About the joint
Nestled within the Victorian architecture of Toronto's Distillery District, Mill Street is responsible for some of the greatest beers on Canada's craft brewery scene. From inside the brewpup, you're treated to a fantastic view of their brewery's inner workings. While not strictly a joint, Mill Street is a great spot to grab a meal, a beer, or both!
by benjamin on March 25th, 2013
I love Mill Street. Their craft-brews are fantastic. Their decor is fantastic. Their pub fare is often very enjoyable. But what of their Angus Burger? Sadly, it's a case of unrealized potential.
I ordered the burger, with some changes: hold the veg, add bacon and cheddar. While this would seem to skew the results, my qualms are quite independant of the toppings. I'll start with the good: their bacon. I don't know what they do at Mill Street, but their bacon is the best I've ever had. Ever. So smokey and flavourful. Their cheddar cheese... outstanding. Great flavour. Their bun? While on the firmer side, it was pretty decent! I believe they get them from Brick Street Bakery. No complaints there.
But it should come as no surprise, the true success of a burg depends on the patty, and here's where Mill Street really has the chance to make massive improvements, with some simple changes.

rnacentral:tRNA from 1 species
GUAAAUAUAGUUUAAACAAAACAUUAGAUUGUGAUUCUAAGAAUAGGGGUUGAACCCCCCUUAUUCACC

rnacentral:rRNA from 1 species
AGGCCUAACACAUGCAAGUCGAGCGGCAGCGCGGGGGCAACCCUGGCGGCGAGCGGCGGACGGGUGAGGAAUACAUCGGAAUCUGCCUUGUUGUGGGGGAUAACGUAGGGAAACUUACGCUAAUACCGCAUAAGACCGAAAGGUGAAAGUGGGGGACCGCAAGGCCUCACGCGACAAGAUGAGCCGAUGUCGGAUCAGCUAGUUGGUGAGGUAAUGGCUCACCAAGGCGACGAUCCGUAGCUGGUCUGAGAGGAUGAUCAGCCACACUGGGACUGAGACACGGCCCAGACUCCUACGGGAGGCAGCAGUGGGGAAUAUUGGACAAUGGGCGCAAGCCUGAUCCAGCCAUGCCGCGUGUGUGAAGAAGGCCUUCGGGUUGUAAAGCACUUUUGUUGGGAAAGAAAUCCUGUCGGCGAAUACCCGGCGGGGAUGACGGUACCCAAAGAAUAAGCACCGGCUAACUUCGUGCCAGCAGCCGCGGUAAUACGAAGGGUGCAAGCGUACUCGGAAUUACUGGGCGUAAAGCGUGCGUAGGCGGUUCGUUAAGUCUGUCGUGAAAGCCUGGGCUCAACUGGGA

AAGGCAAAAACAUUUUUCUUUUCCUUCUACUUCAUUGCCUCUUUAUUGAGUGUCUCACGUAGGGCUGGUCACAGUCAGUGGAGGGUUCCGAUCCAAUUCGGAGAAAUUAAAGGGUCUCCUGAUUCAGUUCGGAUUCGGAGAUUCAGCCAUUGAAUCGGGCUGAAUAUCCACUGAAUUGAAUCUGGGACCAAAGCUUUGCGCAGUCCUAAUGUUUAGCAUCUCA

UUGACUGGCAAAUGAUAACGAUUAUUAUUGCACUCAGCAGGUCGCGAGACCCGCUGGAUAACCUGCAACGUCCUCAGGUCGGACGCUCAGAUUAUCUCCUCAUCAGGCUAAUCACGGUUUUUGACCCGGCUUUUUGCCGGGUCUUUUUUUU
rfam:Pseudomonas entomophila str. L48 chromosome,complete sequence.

For starters, the patty was slightly overkooked... just a tad dry. Now, that's not always a deal breaker, but it most certainly is when combined with what is almost always a deal breaker: fillers. The burg had that characteristic "meatball" flavour that is so apparant with patties that are made with fillers like breadcrumbs or egg. Using those ingredients is the surest way to ruin good beef, and they're entirely unneccesary. They distract. They homogonize. They make a dry burger even drier.
When I order a burger, I don't want meatloaf. I want respected, well-prepared beef. I'm convinced that if Mill Street ditched the fillers, and cooked the patty to a correct doneness, they could easily have an 8 or higher on their hands. So close.